Tuesday, July 29, 2014
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Phillies sign Howard to 5-year, $125 million extension

SAN FRANCISCO -- The Phillies have locked up their slugging first baseman with the richest deal in franchise history. Ryan Howard has signed a five-year, $125 million contract extension, the team announced Monday. There is a club option for a sixth year, meaning the deal could reach $138 million in total value if the option is exercised.

Phillies sign Howard to 5-year, $125 million extension

Ryan Howard is hitting .275 with 3 home runs and 16 RBI so far this season. (Ron Cortes / Staff Photographer)
Ryan Howard is hitting .275 with 3 home runs and 16 RBI so far this season. (Ron Cortes / Staff Photographer)

SAN FRANCISCO -- The Phillies have locked up their slugging first baseman with the richest deal in franchise history.

Ryan Howard has signed a five-year, $125 million contract extension, the team announced Monday. There is a club option for a sixth year, meaning the deal could reach $138 million in total value if the option is exercised.

Howard would have been a free agent after the 2011 season.

When the deal kicks in, Howard, 30, will become the highest paid player in franchise history. Roy Halladay's deal pays him $20 million per season as a Phillie. The average annual salary of Howard's deal is larger.

Currently, the only player with a higher average annual salary than Howard's in 2012 and beyond is New York Yankees third baseman Alex Rodriguez.

The contract breaks down like this:

2012: $20 million
2013: $20 million
2014: $25 million
2015: $25 million
2016: $25 million
2017: $23 million club option with $10 million buyout

The deal also included a limited no-trade clause and awards bonuses.

In 2016, the final guaranteed year of the deal, Howard will be 36 years old.

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Howard is making $19 million in 2010. He is due to make $20 million in 2011. So Howard will not see a raise in his salary in the first two years of the extension, which has to be considered a coup for the Phillies. If Howard would have gone on the open market after the 2011 season, he assuredly would have had an instant raise in 2012.

The $125 million contract extension is the 14th largest contract ever signed in baseball history. When the deal kicks in, Howard would be the highest paid first baseman in the majors based on average annual salary. Of course, by 2012, that could very well change considering Albert Pujols, Prince Fielder and Adrian Gonzalez are all due new contracts.

Obviously, the Phillies have put their eggs in one very large basket. What does this mean for impending free agent Jayson Werth? Hard to say. The Phillies' chances of re-signing Werth after this season were already slim. If Werth wants a five- or six-year deal similar to those given to Jason Bay and Matt Holliday this past off-season, the Phillies could decide they already have too much invested.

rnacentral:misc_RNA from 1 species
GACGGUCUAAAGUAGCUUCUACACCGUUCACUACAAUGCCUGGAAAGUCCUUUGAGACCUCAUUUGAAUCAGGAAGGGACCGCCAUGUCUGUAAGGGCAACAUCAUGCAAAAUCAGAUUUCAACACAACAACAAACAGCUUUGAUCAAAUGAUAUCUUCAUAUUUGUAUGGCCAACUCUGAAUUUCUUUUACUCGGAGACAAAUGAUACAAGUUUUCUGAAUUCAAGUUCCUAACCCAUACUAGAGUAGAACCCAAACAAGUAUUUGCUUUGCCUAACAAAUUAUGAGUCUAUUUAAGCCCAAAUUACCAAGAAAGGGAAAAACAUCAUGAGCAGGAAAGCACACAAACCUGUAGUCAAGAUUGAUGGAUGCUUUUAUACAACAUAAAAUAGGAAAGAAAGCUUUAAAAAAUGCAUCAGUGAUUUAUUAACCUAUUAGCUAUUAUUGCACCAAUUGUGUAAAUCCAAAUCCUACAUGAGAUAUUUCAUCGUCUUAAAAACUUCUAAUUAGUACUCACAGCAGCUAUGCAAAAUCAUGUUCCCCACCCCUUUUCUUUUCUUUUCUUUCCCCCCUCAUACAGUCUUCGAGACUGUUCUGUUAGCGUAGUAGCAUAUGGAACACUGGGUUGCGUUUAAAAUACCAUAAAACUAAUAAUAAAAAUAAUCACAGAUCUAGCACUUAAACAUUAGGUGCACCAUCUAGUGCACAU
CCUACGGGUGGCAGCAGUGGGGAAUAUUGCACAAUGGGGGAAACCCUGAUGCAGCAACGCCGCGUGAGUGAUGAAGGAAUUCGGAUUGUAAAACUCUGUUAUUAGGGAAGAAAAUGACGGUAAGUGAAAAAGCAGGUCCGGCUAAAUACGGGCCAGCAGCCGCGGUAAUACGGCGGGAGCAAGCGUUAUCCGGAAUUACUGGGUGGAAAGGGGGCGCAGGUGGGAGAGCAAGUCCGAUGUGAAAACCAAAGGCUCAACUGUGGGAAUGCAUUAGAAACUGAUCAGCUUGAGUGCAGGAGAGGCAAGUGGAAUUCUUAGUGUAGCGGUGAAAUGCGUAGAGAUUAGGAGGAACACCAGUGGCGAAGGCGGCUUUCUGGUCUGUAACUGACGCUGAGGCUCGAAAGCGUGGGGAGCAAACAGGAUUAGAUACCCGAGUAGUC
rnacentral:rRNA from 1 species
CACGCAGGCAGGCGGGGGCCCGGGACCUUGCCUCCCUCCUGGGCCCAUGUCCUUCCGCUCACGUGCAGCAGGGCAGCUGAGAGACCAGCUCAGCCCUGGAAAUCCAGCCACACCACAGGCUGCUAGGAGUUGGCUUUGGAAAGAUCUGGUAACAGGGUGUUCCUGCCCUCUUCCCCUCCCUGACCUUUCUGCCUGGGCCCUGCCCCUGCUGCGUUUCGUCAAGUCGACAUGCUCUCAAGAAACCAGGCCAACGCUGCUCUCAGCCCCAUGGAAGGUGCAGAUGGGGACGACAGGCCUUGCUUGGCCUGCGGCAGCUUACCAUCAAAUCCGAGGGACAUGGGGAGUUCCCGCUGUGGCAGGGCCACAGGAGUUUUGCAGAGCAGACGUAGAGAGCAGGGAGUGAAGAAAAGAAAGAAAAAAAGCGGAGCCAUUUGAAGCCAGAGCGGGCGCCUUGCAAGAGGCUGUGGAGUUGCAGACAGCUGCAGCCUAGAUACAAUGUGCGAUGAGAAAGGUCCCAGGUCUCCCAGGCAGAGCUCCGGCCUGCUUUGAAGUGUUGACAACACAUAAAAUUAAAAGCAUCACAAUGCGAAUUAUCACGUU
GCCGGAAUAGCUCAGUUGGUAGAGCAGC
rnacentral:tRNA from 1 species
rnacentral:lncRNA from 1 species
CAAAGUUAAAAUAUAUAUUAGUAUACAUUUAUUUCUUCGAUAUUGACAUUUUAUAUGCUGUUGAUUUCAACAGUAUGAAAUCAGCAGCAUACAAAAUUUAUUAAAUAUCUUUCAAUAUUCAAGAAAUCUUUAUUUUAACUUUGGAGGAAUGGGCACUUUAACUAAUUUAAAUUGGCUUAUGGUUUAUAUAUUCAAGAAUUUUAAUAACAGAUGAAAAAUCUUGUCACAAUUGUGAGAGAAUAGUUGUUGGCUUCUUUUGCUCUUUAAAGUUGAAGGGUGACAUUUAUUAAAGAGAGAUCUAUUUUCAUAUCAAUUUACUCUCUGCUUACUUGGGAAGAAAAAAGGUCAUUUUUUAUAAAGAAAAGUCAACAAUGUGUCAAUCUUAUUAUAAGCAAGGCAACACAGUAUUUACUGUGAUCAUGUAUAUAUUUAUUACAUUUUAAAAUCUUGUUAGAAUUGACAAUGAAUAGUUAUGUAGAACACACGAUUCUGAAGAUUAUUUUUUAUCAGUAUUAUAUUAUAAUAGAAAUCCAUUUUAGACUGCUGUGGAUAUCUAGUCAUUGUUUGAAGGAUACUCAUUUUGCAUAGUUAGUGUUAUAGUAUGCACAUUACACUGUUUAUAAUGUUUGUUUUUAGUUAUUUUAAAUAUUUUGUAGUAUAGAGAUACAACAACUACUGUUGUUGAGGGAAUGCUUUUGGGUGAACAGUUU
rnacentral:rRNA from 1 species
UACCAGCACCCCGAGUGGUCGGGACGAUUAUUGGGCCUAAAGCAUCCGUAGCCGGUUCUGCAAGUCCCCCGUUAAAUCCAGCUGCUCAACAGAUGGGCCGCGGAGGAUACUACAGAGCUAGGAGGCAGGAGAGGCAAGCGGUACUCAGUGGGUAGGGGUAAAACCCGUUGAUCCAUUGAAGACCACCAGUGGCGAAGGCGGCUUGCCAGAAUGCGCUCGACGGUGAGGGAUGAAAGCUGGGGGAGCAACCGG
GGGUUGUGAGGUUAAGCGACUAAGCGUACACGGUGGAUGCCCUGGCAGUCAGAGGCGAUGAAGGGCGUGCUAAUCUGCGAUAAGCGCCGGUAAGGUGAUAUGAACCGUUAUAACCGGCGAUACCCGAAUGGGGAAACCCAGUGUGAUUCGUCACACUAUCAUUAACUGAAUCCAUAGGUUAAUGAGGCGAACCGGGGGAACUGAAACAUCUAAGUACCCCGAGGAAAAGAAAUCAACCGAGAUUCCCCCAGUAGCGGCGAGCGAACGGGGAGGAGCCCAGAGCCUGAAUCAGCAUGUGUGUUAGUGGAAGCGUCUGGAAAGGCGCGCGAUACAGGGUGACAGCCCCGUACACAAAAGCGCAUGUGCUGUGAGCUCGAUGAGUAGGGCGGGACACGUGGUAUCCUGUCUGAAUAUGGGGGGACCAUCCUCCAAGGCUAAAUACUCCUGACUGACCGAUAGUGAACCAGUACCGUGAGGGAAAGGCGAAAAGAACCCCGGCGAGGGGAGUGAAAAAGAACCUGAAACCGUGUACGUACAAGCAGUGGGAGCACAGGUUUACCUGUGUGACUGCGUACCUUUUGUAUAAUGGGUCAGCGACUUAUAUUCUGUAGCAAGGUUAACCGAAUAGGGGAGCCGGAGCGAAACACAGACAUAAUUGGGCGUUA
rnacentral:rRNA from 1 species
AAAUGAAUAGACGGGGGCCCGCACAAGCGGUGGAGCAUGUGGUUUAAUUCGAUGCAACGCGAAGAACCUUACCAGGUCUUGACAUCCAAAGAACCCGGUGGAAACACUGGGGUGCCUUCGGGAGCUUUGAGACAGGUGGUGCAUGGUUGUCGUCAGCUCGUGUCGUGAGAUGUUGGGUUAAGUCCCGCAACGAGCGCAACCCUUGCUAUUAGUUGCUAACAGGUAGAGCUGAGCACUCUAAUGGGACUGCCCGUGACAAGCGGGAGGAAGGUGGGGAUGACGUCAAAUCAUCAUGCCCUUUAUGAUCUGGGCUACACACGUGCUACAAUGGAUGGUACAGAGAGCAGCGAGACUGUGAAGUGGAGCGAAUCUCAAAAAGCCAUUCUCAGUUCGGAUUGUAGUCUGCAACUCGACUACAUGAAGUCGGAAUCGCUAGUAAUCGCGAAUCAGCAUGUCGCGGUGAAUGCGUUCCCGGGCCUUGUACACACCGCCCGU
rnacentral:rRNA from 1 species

As it stands, with Howard's $20 million added to the equation, the Phillies have $84.45 million committed to seven players in 2012. (That includes a $1.5 million buyout on Brad Lidge's contract.)

But consider this: One of the Phillies' buzz words in the off-season was "cost certainty." The Phillies locked up players like Shane Victorino, Joe Blanton and Carlos Ruiz to three-year deals. Because Howard won't see a raise in his salary until 2014, the Phillies remain somewhat flexible in their payroll. Enough to sign Werth? It will be challenging.

The last time the Phillies invested this much in a first baseman, they signed Jim Thome to a six-year, $85 million contract. Thome was 32 when he signed his deal.

Howard's last contract he signed with the Phillies before the 2009 season was for three years, $54 million

Howard, a fifth-round pick in 2001, is hitting .275 with three home runs and 16 RBIs this season. Since becoming an everyday player on July 1, 2005, Howard leads all major league players in home runs (222) and RBI (650).

He is fifth on the Phillies' all-time home run list.

Howard, general manager Ruben Amaro Jr. and manager Charlie Manuel will meet with reporters at 7:30 p.m. (East Coast time) before Monday night's game at AT&T Park.

Much, much more to come...

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The place for up-to-the-minute Phillies coverage from The Inquirer beat writer Matt Gelb and columnist Bob Brookover.

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